Electronic waste is the fastest-growing solid waste stream in the world. Also referred to as e-waste, e-scrap, and end-of-life electronics, these terms describe electronics that are nearing the end of their life cycles and are, therefore, discarded, donated, or recycled.
The fast-paced technological advancement globally has heightened the demand for electronic products exponentially, and in order to stay competitive, electronics companies have been making more affordable electronics with shorter life spans.
Unfortunately, most e-waste is improperly disposed of. Instead, it ends up being buried or incinerated in landfills, polluting the air, land, and water, causing human health hazards, and leading to the loss of precious natural resources.
Electronic products contain a number of toxic substances hazardous to human health, with documented risks to the brain, the nervous system, the lungs, and the kidneys.
As electronics become increasingly integrated into almost every aspect of our daily lives, it is crucial that we learn the proper ways to dispose of e-waste.
Give it to a Certified E-Waste Recycler
When it comes to recycling electronics, finding a responsible recycler is extremely important. Many recyclers ship e-waste to third-world countries, where it is sent to landfills and processed manually by workers who are then exposed to hazardous substances.
There are currently 25 states with e-waste laws in place, so it is useful to familiarize yourself with the legislation in your state. Looking for certified recyclers is also a good practice.
The Basil Action Network (BAN) is a non-profit organization that aims to make e-waste recycling environmentally and socially responsible. In accordance with the United Nations Basel Convention (which restricts the international hazardous waste trade), BAN aims to ensure that e-waste is recycled responsibly instead of being dumped in underdeveloped countries.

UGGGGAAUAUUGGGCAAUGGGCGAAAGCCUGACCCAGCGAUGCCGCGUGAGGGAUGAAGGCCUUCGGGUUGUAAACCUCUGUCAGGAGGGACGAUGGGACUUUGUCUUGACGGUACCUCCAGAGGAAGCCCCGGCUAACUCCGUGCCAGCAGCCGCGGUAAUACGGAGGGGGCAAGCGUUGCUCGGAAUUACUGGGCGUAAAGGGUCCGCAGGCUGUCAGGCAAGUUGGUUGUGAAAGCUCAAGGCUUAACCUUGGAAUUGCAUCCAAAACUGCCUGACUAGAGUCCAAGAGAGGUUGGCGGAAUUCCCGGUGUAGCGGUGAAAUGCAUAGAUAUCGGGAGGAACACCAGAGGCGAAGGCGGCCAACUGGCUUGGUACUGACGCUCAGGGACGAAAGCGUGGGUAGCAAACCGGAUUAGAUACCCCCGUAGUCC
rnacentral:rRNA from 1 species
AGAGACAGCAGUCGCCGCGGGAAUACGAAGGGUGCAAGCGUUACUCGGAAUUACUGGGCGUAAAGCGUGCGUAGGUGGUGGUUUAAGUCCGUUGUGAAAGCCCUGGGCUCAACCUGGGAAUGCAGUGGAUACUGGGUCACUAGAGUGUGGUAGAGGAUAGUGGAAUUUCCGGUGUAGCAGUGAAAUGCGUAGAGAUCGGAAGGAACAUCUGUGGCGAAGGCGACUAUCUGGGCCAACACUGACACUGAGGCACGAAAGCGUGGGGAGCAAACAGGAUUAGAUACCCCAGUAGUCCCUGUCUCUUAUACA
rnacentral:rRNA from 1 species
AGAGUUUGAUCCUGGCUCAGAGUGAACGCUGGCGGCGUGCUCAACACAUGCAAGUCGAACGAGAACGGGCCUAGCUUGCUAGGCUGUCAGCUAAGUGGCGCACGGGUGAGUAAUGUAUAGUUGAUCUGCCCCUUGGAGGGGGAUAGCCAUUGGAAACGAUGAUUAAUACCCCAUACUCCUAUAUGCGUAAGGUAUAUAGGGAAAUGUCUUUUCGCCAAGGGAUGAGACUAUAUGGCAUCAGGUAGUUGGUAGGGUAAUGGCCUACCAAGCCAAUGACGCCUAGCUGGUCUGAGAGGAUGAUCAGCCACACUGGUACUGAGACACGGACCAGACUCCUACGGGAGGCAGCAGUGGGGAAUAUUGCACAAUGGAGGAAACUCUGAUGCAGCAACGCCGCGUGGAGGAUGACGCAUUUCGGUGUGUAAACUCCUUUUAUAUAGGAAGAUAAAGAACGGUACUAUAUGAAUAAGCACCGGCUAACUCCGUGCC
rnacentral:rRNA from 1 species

BAN, therefore, created and now manages e-Stewards, which sets a certification standard for the best recycling practices and distinguishes truly responsible recyclers from those who just claim to be green. Members must make a pledge and display their Pledges of Responsible Recycling. As a result, working alongside a certified recycler means that you won’t pollute another nation or risk losing your personal details to criminals. You can find your nearest e-waste recycler on the e-Stewards website.
Sell or Donate Outdated Technology
As the saying goes, one man’s junk is another man’s treasure. If you need to get rid of old electronics, you can make a bit of extra money by selling them or, better yet, donating them if they still work properly.
You can sell your old electronics through platforms like eBay, Craigslist, or even through a garage sale. Just make sure that you have deleted all of your personal information beforehand.
Donating your outdated technology could be really helpful to schools and charitable organizations as well. There are several organizations and businesses that offer electronic donation programs. Just think about it, a daycare center can use a gently used DVD player to play educational videos, adult literacy organizations can use working computers to effectively teach basic computer skills to students, and so much more.
Can It Be Repaired?
Before you look at replacing your electronics, consider repairing them and extending their lifespans to reduce e-waste production. This can be easier said than done.
Companies may use copyright laws in order to prevent people from using unauthorized repairers, and they often incentivize the purchase of newer computers and smartphones by creating software upgrades that can only be downloaded on newer models. However, iFixit defends the right to repair electronics. Therefore, they are working on Right to Repair laws and offer step-by-step repair guides as well as answer forums to teach people how to repair their own electronic devices.
Look For A Drop-Off Point
In many electronic companies, you can return your old gadgets when you buy a newer version, sometimes receiving a discount when you do.
Some recycling companies have set up electronic drop-off initiatives, as well as drop-off points where products such as cell phones and tablets can be dropped off for recycling. If you need information about drop-off locations, ask your local electronics shop.
You should also enquire among your local government, universities, and schools as to any recycling programs they run. Several organizations have started assigning a certain day and place where environmentally aware citizens can come and drop off their e-waste.
At Junk Boss, our mission is to make it easy for you to get rid of unwanted items like old appliances. Our professional junk removal team can properly dispose of your old electronics in the most responsible way. Contact us today to find out more about our Oklahoma-based junk removal services.